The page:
I think most human beings who have become fed up with their job at some point in their lives have fantasized about just yelling "I quit!" and storming out of the office. Although that might feel good for about 5 minutes, you'll soon find that such an action can do irreparable damage to your career.
Here are some ways to make a graceful exit if you leave your job and why they matter:
Some workplaces, particularly those who handle sensitive information, will walk you out the door upon your resignation. This is a matter of data security more than a comment on your personal stability (unless you're also wearing a straight jacket at the time). However, in most cases, you should give two weeks notice. From what I've read and heard lately, giving notice almost seems like some kind of quaint gesture from the past, shunned by the "movers and shakers" eager to achieve their life plans before the age of 30. But even if you don't feel any loyalty toward the company you're leaving, you should still give notice. After all, future employers will be calling folks at that company looking for a reference for you.
Wrap up loose ends
This doesn't mean to finish every project that is pending when you decide to leave. It means passing on to other employees information they will need to finish what you've started. First of all, you're leaving the company. Even if you hated your job there with white hot intensity, it's not fair to burden the person (most likely a former peer) who has to pick up the pieces. You're not going to punish the company by leaving things in shambles. But your old company could very well punish the lowly worker who wasn't able to put the pieces together after you left.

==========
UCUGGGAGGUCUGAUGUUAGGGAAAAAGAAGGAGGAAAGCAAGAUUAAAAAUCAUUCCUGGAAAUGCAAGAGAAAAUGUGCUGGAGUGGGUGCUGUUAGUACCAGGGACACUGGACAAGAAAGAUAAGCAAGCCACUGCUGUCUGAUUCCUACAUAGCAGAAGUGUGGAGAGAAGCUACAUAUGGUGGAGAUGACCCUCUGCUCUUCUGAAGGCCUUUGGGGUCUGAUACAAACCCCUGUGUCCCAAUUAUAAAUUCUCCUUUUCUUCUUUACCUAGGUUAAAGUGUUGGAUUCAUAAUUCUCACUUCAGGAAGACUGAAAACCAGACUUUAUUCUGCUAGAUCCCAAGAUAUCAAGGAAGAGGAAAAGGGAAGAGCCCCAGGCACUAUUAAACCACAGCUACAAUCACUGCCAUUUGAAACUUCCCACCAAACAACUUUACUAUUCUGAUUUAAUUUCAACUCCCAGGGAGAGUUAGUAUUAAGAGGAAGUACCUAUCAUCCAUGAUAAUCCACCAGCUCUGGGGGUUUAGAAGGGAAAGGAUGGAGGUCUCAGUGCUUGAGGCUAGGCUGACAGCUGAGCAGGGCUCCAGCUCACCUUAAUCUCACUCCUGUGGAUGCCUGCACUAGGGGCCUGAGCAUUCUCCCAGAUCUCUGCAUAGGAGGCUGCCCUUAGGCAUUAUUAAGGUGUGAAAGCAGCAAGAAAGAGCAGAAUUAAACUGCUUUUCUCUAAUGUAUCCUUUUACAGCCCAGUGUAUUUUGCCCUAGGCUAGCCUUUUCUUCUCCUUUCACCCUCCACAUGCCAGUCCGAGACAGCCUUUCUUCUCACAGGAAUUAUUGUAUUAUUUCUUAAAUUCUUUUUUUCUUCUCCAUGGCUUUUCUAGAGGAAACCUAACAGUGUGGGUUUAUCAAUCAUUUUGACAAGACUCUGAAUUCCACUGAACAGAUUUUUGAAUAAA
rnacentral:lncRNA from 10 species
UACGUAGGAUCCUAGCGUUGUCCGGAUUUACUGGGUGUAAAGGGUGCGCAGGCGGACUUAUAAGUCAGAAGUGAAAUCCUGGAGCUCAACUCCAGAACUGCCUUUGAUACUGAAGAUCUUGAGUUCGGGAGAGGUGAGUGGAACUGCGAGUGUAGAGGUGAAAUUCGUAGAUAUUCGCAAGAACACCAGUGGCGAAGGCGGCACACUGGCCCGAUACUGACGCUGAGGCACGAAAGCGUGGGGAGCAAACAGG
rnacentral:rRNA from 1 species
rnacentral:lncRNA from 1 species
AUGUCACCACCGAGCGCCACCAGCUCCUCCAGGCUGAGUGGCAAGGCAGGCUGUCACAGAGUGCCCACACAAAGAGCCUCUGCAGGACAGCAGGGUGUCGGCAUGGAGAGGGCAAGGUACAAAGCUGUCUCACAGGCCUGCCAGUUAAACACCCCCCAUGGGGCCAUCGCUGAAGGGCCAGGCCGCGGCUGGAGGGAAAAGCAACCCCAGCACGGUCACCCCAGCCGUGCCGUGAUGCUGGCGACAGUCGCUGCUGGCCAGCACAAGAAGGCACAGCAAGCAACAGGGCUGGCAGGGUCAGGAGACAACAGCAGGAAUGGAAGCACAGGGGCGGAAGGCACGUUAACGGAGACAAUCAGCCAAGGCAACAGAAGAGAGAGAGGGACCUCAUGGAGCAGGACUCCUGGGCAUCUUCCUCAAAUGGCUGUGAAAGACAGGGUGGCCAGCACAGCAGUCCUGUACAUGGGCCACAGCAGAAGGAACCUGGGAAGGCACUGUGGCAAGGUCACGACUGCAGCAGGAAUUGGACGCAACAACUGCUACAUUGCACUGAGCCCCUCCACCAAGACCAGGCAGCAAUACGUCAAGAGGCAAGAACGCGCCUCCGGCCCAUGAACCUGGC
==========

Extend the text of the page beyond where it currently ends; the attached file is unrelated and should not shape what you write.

Also, employers are supposed to only confirm your dates of employment if prospective employer calls. Many, however, will be full of praise for you if you left the company in a good way. But if that prospective employer asks about your work ethic and reliability and the company rep says nothing at all, then it's not too difficult to infer the meaning. Also, IT is not such a large world that people don't talk amongst themselves. Your old boss and your prospective boss might some day be at the same Tech convention together, and your name could come up over cocktails.
Don't use your leaving as a threat
If you've found another job, don't expect your manager to counter with a better offer. He or she may do that, but don't let that be your motivation for talking about leaving.
Write a resignation letter and keep it vague
Although you may be sorely tempted to skewer the management staff in a diatribe, resist the urge. Your illumination of the problems inherent in the company may be completely valid, but they will also most likely be completely ignored. It's nice to think you could bring down a juggernaut of incompetence with a single letter, but nah, that's not gonna happen.
Toni Bowers is the former Managing Editor of TechRepublic and is the award-winning blogger of the Career Management blog. She has edited newsletters, books, and web sites pertaining to software, IT career, and IT management issues.